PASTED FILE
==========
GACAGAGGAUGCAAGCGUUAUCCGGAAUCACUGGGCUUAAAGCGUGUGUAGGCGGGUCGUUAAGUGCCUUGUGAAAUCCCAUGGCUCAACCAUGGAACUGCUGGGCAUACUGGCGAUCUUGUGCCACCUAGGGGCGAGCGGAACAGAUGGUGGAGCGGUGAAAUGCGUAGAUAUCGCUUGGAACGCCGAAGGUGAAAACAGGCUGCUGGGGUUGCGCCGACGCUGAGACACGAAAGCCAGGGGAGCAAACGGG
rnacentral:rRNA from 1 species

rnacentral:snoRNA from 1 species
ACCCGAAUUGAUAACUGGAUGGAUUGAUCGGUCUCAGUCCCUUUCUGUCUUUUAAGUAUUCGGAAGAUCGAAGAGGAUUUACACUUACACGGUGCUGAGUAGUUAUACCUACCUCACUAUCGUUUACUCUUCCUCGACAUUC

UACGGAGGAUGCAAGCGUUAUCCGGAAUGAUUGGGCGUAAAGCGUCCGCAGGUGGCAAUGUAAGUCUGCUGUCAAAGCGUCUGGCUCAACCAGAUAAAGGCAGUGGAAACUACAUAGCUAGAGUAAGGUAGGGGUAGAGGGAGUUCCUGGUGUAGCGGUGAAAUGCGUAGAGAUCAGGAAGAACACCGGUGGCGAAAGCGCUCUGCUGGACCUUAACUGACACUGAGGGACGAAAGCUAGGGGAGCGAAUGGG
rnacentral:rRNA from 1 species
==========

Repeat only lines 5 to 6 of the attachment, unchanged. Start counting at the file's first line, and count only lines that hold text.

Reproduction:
UACGGAGGAUGCAAGCGUUAUCCGGAAUGAUUGGGCGUAAAGCGUCCGCAGGUGGCAAUGUAAGUCUGCUGUCAAAGCGUCUGGCUCAACCAGAUAAAGGCAGUGGAAACUACAUAGCUAGAGUAAGGUAGGGGUAGAGGGAGUUCCUGGUGUAGCGGUGAAAUGCGUAGAGAUCAGGAAGAACACCGGUGGCGAAAGCGCUCUGCUGGACCUUAACUGACACUGAGGGACGAAAGCUAGGGGAGCGAAUGGG
rnacentral:rRNA from 1 species